Blind drivers at the steering wheel
Innovations in automated driving have led to speculation that blind people may be able to take to the wheel. But do they want to drive - and could it become a reality?
How would you feel if a blind person pulled up next to you in a car?
This time last year, Google released a video showing a blind man driving a car. He was seen going to a local drive-through restaurant near his home in San Jose, California, and later collecting dry cleaning without any difficulty.
Steve Mahan, the driver, heads the Santa Clara Valley Blind Center and hadn't been in the driver's seat of a car since giving up his licence eight years earlier after losing 95% of his sight. On this occasion, the only action he performed was to press a start button. He couldn't control the car independently, but the video showed an intent to make driving more accessible and safe for everyone.
About the author
Damon Rose, who lost his sight at 13, writes for Ouch, the BBC News blog and internet talk show which reflects disability life.
"I'm finding there's a lot of buzz, a lot of people in the blind community talking about driverless cars," says Mahan.
"In America, getting a driver's licence is a rite of passage. It represents being able, having the liberty to go where you want to go. Cars and car ownership are important parts of a sense of independence and personal power."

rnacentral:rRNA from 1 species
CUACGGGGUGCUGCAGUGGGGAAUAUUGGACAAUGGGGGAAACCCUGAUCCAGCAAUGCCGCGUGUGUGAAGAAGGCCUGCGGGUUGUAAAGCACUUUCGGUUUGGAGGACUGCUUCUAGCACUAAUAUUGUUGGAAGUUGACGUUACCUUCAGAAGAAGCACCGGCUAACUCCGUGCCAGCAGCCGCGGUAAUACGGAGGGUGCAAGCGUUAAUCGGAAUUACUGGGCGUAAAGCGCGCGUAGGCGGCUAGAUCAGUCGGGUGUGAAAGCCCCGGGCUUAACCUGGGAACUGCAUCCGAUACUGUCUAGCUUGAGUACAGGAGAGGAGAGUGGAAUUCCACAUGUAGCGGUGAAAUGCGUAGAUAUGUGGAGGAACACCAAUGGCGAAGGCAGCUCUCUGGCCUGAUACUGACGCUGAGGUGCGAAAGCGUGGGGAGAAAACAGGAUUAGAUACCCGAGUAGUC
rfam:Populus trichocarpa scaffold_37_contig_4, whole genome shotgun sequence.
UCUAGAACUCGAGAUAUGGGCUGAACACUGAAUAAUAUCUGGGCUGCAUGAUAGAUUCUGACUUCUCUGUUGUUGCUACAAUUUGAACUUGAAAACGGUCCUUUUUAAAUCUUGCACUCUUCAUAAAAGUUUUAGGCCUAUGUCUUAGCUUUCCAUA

Public transport isn't very developed in the US, so being carless can leave you isolated and could contribute to problems such as unemployment. Because of this, cars can provoke a very emotional response among blind people, says Mahan. "We have had clients that will just go out and sit in the vehicles they used to drive and turn the motor on, just to be behind the wheel."
The driverless car uses a combination of GPS, laser, radar and 3D environment data that was likely to have been collected by Google's other cars, the ones whose picture-taking brought us Street View.
Rise of the self-drive car
- The aim is to improve road safety - people get distracted but computers don't
- Vehicles that can do simple tasks such as park themselves are already on the market
- Companies such as Google are testing driverless technology (pictured above in Washington DC)
- Engineers at the University of Oxford have developed a car that drives itself on familiar routes - and want permission to try it on public roads